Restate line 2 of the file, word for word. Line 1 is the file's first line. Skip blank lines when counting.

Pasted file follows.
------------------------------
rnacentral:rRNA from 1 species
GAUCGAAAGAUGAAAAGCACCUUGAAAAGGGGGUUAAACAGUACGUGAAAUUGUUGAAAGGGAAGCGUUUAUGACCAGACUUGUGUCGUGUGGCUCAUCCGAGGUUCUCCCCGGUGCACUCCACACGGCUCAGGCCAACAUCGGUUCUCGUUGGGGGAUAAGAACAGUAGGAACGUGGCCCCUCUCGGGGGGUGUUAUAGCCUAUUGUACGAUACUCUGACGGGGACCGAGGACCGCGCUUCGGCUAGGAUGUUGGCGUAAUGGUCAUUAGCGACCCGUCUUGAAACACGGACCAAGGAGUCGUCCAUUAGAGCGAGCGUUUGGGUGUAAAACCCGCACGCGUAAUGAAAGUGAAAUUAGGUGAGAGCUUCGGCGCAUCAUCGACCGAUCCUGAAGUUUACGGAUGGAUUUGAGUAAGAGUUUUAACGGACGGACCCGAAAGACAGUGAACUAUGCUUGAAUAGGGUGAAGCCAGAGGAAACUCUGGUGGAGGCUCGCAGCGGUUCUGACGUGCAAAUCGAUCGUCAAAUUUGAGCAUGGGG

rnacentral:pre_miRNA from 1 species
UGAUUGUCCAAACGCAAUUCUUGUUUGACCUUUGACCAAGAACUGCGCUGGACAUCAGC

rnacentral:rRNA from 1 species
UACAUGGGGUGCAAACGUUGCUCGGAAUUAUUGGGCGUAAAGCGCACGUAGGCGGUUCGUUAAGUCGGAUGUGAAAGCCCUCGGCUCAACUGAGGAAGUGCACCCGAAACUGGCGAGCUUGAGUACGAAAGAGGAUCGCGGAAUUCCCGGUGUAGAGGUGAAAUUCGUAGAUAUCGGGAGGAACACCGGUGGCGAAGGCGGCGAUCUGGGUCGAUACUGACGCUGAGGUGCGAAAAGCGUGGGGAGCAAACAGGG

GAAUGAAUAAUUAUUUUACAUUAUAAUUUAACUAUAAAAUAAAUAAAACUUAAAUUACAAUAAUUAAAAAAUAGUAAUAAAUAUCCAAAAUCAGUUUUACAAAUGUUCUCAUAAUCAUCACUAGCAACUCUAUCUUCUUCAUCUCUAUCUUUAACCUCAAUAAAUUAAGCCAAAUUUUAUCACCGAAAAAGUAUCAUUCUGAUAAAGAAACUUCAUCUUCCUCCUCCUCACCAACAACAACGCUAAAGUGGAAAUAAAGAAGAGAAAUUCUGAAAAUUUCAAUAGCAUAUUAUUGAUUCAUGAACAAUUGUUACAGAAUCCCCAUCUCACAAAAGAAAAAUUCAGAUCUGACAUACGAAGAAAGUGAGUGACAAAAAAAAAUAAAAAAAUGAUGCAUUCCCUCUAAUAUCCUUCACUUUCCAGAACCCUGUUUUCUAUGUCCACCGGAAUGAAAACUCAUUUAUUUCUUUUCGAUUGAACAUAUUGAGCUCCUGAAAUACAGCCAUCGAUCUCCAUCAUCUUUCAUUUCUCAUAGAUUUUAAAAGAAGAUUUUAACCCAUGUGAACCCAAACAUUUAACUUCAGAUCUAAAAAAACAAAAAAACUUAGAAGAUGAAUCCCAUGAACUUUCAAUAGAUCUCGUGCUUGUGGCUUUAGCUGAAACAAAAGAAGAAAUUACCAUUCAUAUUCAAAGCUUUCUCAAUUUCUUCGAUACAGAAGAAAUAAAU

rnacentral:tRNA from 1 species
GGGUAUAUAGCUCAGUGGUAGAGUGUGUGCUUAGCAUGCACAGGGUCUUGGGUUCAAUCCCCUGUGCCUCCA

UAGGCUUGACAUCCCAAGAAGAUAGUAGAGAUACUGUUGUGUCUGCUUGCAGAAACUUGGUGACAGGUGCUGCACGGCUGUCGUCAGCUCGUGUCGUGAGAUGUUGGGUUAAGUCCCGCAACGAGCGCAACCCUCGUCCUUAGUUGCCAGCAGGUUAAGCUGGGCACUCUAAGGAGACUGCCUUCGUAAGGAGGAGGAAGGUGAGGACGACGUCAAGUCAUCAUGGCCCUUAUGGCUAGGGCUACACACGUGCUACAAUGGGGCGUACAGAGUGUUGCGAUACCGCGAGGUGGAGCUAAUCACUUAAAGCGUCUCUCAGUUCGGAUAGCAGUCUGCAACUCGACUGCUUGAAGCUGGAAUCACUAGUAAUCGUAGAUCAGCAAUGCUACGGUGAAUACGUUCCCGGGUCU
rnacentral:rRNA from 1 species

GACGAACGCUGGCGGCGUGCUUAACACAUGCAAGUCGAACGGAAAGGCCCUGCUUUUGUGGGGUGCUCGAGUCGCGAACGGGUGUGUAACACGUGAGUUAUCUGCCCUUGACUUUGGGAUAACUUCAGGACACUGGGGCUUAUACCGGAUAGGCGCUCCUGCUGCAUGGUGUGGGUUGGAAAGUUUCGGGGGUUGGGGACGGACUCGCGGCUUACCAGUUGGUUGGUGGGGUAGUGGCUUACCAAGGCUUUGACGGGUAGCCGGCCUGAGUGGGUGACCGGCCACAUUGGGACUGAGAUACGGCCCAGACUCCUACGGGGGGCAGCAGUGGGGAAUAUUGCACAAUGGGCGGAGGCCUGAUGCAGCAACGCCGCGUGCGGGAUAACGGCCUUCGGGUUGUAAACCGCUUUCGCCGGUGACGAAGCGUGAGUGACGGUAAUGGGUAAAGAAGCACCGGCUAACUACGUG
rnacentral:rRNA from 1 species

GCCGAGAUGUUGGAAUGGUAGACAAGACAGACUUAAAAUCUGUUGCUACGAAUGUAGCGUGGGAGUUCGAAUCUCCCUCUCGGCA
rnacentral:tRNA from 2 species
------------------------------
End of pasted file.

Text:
GAUCGAAAGAUGAAAAGCACCUUGAAAAGGGGGUUAAACAGUACGUGAAAUUGUUGAAAGGGAAGCGUUUAUGACCAGACUUGUGUCGUGUGGCUCAUCCGAGGUUCUCCCCGGUGCACUCCACACGGCUCAGGCCAACAUCGGUUCUCGUUGGGGGAUAAGAACAGUAGGAACGUGGCCCCUCUCGGGGGGUGUUAUAGCCUAUUGUACGAUACUCUGACGGGGACCGAGGACCGCGCUUCGGCUAGGAUGUUGGCGUAAUGGUCAUUAGCGACCCGUCUUGAAACACGGACCAAGGAGUCGUCCAUUAGAGCGAGCGUUUGGGUGUAAAACCCGCACGCGUAAUGAAAGUGAAAUUAGGUGAGAGCUUCGGCGCAUCAUCGACCGAUCCUGAAGUUUACGGAUGGAUUUGAGUAAGAGUUUUAACGGACGGACCCGAAAGACAGUGAACUAUGCUUGAAUAGGGUGAAGCCAGAGGAAACUCUGGUGGAGGCUCGCAGCGGUUCUGACGUGCAAAUCGAUCGUCAAAUUUGAGCAUGGGG